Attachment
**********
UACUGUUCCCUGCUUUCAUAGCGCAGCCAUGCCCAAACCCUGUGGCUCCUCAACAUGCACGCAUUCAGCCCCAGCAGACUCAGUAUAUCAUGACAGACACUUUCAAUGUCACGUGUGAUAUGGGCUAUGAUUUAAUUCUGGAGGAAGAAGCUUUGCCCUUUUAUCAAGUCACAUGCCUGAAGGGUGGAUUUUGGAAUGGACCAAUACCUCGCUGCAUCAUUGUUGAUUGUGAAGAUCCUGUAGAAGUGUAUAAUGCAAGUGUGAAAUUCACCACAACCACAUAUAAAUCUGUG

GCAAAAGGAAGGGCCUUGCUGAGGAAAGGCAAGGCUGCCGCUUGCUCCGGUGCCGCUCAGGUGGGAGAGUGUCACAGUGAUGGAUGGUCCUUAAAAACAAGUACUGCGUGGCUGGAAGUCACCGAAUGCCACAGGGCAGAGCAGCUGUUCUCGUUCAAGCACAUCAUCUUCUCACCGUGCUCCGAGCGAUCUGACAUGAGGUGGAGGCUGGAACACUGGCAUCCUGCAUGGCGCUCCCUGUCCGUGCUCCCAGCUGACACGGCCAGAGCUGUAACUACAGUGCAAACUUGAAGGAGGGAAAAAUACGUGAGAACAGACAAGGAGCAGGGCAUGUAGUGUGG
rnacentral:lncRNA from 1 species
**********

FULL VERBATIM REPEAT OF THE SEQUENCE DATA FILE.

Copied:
UACUGUUCCCUGCUUUCAUAGCGCAGCCAUGCCCAAACCCUGUGGCUCCUCAACAUGCACGCAUUCAGCCCCAGCAGACUCAGUAUAUCAUGACAGACACUUUCAAUGUCACGUGUGAUAUGGGCUAUGAUUUAAUUCUGGAGGAAGAAGCUUUGCCCUUUUAUCAAGUCACAUGCCUGAAGGGUGGAUUUUGGAAUGGACCAAUACCUCGCUGCAUCAUUGUUGAUUGUGAAGAUCCUGUAGAAGUGUAUAAUGCAAGUGUGAAAUUCACCACAACCACAUAUAAAUCUGUG

GCAAAAGGAAGGGCCUUGCUGAGGAAAGGCAAGGCUGCCGCUUGCUCCGGUGCCGCUCAGGUGGGAGAGUGUCACAGUGAUGGAUGGUCCUUAAAAACAAGUACUGCGUGGCUGGAAGUCACCGAAUGCCACAGGGCAGAGCAGCUGUUCUCGUUCAAGCACAUCAUCUUCUCACCGUGCUCCGAGCGAUCUGACAUGAGGUGGAGGCUGGAACACUGGCAUCCUGCAUGGCGCUCCCUGUCCGUGCUCCCAGCUGACACGGCCAGAGCUGUAACUACAGUGCAAACUUGAAGGAGGGAAAAAUACGUGAGAACAGACAAGGAGCAGGGCAUGUAGUGUGG
rnacentral:lncRNA from 1 species